A pre-dawn earthquake rolled across the Los Angeles basin on Monday, rattling nerves and shaking buildings along a 150-mile swath of Southern California but causing no major damage.
The 4.4-magnitude quake was centered two miles from Encino and 15 miles west-northwest of the downtown civic center, according to the U.S. Geological Survey.
USGS seismologist Robert Graves called it a “typical” Southern California quake and said expectations were that damage would be slight, if it occurred at all.
Los Angeles police and fire officials said there were no immediate reports of damage.
Encino resident Joann Smith described the initial jolt as “a big crash” that shook her house.
The 6:25 a.m. quake occurred at a depth of about five miles. There were several aftershocks, including one of 2.7 magnitude that caused very minor shaking, Graves said.
Marita Ipaktchia was in the kitchen at her Encino home when the quake hit, sending salt and pepper shakers and collectible glass figurines on her shelves crashing to the ground.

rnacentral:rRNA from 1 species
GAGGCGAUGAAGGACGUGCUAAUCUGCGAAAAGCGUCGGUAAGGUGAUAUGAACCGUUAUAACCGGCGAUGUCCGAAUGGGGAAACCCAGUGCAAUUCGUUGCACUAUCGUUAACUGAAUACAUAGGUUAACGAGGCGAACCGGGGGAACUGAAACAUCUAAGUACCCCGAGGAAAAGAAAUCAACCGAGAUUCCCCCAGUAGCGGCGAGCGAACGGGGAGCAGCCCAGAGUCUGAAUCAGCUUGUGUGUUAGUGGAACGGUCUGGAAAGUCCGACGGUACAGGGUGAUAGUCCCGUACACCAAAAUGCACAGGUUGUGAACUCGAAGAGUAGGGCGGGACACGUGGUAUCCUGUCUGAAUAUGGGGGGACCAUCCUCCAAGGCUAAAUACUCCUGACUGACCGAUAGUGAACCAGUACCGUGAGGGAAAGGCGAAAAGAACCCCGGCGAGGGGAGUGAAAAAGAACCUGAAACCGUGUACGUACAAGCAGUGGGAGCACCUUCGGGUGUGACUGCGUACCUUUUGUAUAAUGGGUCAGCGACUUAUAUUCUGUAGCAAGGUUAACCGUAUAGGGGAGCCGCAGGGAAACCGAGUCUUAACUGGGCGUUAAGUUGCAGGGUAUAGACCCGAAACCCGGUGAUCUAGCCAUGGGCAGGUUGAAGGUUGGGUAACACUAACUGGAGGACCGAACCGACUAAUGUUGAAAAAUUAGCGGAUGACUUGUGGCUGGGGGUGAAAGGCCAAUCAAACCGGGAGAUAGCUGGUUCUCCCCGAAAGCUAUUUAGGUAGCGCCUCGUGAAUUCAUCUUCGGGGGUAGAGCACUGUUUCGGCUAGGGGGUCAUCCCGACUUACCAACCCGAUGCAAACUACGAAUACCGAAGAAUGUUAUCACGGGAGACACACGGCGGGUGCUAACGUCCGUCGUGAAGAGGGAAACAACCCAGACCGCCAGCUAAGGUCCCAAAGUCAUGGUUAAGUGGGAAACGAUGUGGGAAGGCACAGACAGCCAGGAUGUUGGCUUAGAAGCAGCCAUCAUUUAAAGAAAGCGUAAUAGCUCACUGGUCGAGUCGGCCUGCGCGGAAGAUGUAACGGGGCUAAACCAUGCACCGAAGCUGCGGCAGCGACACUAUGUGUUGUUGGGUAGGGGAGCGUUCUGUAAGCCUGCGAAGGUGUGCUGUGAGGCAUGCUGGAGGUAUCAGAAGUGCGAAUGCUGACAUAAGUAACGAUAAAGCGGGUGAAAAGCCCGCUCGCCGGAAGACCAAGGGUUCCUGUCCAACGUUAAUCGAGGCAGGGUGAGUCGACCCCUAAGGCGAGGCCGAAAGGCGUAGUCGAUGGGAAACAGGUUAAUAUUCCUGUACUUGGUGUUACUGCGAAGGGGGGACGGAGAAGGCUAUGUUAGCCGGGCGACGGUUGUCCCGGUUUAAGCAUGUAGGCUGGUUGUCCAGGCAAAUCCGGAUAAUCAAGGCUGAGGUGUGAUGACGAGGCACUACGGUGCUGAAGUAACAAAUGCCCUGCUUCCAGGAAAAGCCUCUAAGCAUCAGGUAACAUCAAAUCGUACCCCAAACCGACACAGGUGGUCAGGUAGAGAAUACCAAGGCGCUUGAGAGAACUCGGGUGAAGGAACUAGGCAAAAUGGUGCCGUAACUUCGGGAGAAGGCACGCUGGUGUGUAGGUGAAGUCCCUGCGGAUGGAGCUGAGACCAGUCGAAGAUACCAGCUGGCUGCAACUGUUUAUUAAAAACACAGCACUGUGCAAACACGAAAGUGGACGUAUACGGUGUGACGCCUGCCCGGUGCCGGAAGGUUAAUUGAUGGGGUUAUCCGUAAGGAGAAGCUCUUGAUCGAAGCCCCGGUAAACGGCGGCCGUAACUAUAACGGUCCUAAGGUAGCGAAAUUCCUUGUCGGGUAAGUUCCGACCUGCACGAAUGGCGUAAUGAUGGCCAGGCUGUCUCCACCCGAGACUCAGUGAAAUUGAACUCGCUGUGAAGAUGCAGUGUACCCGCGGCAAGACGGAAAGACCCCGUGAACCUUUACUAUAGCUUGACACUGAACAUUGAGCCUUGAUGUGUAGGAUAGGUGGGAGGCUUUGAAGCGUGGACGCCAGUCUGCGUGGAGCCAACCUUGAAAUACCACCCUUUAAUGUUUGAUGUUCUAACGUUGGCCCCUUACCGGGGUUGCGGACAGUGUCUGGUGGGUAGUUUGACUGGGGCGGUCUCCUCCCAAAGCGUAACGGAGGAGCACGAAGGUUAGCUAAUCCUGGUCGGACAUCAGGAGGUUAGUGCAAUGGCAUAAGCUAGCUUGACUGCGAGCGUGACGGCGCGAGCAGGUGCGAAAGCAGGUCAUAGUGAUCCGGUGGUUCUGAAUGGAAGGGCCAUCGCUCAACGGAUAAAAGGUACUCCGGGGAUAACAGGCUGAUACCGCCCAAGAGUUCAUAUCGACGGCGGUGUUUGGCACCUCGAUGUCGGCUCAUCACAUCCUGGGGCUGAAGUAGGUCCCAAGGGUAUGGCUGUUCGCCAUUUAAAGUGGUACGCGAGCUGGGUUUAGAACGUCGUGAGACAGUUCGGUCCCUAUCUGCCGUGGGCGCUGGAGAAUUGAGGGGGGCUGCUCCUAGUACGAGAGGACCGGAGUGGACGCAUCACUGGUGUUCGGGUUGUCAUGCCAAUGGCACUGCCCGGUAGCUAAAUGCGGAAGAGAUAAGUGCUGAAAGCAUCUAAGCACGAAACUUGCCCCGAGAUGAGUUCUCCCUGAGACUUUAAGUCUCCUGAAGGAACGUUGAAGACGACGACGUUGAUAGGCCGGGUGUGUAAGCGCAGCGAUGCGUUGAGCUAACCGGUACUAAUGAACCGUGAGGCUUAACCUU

“The whole kitchen was shaking,” she said “Everything broke. Everything came down.”
The quake was felt as far away as Orange County to the south and Santa Barbara to the north.
It was one of the largest to hit Los Angeles since the 6.7-magnitude Northridge quake killed several dozen and caused $25 billion in damage two decades ago, Lucy Jones, a USGS seismologist, told KABC.
“It’s not that large by California terms. It’s the size of earthquake we have across the state once every couple of months,” Jones said. “But we haven’t had one like this in LA for quite a while.”